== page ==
And since Del Rio is only two years into his tenure as head coach of the Raiders, there isn’t enough of a sample size to make this decision.

While the improvement from 7-9 to 12-4 is obviously significant, the Raiders are proof of how quickly things can change in the NFL — for better or for worse. For better because they improved by five wins year over year, and for worse because in the matter of one play, the season came to a screeching halt.

Heading into year three at the helm, this is going to be the best season to evaluate Del Rio’s performance.

Following the 12-4 season, Oakland is set to play a tougher schedule in 2017. Only two teams they will face finished with less than 7 wins in 2016. So while the schedule might not seem top-heavy at first glance, they’ll play quality teams week in and week out, with very few “easy wins” on the schedule. Games against the Patriots and Cowboys also loom large.

There is also the question about how sustainable the win total from 2016 is. Seven times, Oakland entered halftime trailing. Nine times, they entered the fourth quarter facing a deficit. With seven comeback victories orchestrated by Derek Carr, it can’t reasonably be expected for that to happen again.

Further, 12 games were decided by one possession or less, including the 21-13 loss to the Chiefs. So with 75 percent of the games being this close, if the Raiders were to find themselves in similarly close games in 2017, a couple of games going the other way could be the difference between 9-7 and 11-5, or whatever record.

The defense could also once again be an issue. The offense was able to bail them out time and time again, but like with the comeback victories, the offense can’t be relied upon every single week. At some point, the defense has to step up. Especially if this team wants to legitimatize their Super Bowl aspirations.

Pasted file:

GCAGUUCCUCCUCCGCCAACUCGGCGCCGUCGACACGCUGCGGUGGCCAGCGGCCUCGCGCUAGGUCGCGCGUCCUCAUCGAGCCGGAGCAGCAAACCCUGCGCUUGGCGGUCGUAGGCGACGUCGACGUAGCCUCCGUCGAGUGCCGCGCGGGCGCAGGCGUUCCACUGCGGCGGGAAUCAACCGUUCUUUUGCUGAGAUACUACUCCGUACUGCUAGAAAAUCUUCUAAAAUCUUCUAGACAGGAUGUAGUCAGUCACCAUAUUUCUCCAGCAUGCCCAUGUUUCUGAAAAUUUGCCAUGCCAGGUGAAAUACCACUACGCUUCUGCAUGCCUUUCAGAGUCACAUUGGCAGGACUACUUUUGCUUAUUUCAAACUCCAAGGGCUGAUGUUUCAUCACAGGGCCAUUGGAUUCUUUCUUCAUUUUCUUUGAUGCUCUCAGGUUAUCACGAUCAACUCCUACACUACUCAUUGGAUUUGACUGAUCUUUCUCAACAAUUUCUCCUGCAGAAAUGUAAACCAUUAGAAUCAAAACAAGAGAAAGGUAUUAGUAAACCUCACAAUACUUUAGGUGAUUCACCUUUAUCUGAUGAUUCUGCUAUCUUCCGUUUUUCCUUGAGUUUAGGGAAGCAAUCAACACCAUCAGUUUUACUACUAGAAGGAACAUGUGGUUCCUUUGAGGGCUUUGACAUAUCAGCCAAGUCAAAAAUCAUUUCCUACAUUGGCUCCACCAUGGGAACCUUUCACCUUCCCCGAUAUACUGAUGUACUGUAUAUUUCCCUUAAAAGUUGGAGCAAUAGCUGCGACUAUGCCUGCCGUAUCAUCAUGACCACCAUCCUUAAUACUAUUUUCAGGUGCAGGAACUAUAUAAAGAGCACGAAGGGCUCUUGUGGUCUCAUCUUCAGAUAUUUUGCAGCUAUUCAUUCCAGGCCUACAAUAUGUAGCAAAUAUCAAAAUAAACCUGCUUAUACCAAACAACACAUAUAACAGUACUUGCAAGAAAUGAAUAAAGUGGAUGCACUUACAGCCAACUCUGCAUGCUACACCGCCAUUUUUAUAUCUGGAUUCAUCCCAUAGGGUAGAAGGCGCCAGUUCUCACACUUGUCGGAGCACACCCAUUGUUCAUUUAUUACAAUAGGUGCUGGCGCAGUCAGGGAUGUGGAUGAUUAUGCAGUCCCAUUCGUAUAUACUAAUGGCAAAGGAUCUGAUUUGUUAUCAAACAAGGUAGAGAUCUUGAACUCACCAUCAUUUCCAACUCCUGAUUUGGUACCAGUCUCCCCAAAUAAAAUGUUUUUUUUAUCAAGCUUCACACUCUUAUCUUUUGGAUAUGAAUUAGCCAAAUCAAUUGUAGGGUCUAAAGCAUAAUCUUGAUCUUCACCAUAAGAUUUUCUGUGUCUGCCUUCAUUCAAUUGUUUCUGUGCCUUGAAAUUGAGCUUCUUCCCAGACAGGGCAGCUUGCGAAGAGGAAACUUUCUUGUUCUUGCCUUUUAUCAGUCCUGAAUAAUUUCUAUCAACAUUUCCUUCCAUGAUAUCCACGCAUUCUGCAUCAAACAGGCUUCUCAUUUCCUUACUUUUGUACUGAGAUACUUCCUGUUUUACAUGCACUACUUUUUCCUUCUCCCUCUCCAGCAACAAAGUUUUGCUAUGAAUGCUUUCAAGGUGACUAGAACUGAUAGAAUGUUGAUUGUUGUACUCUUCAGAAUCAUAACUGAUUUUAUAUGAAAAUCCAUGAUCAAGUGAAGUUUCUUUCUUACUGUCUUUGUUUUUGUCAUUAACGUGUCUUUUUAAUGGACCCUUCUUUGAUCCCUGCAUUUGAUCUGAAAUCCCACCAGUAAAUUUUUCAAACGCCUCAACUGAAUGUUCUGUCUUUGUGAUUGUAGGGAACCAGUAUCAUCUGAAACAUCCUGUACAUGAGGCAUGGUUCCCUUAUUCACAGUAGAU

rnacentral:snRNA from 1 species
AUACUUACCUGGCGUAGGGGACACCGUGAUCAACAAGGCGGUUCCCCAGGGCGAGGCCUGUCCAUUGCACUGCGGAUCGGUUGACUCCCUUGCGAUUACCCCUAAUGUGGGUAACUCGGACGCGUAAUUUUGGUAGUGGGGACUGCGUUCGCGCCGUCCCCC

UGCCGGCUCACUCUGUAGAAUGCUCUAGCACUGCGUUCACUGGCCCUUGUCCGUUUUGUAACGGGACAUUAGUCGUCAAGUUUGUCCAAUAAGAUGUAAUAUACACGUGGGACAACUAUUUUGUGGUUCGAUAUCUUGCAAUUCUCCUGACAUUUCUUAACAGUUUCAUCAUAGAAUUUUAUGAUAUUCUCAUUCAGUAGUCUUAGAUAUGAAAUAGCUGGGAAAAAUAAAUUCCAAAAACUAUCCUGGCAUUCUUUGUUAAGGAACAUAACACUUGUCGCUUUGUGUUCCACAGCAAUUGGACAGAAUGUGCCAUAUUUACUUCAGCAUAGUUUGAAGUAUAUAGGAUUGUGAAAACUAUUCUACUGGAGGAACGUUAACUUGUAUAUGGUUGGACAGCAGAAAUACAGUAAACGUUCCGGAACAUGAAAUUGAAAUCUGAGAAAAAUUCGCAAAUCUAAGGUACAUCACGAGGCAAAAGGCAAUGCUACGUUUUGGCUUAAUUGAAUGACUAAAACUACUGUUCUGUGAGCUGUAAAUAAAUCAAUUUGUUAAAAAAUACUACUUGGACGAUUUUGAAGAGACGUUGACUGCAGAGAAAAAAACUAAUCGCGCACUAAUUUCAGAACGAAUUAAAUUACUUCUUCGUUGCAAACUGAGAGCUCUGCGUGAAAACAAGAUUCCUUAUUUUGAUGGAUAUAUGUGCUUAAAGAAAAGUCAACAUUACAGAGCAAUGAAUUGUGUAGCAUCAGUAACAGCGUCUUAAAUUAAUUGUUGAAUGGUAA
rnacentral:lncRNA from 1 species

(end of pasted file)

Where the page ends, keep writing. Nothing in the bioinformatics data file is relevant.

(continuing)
In 2016, it took until Week 8 for Oakland’s defense to allow less than 344 yards. They allowed 382 or more yards eight times and under 300 yards just three times, against the 14th, 18th, and 27th ranked offenses. To make matters worse, the defense was also the 4th most penalized group in the league, with 1,051 yards on 115 penalties.

With the questionable decision by Jack Del Rio to retain Ken Norton Jr. as defensive coordinator, this puts the responsibility squarely on the shoulders of Jack. Essentially, if the defense doesn’t improve, he’ll reap what he sows.

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Again, just to be crystal clear, Del Rio has done a fantastic job in his first two seasons and he deserves plenty of recognition for that. But for all of the reasons above, the best decision in this situation is to let him finish the third year of his contract, and then reevaluate his performance in the following offseason.

If the Raiders can again finish in the ballpark of 12-4 with at least a playoff win or two — hopefully more — then Del Rio will be in line for a much deserved major payday. But if by chance Oakland finishes 10-6 and gets bounced in the first round, then what? It becomes a much tougher decision. Still perhaps extension worthy, but there will at least be a larger sample size to make that decision.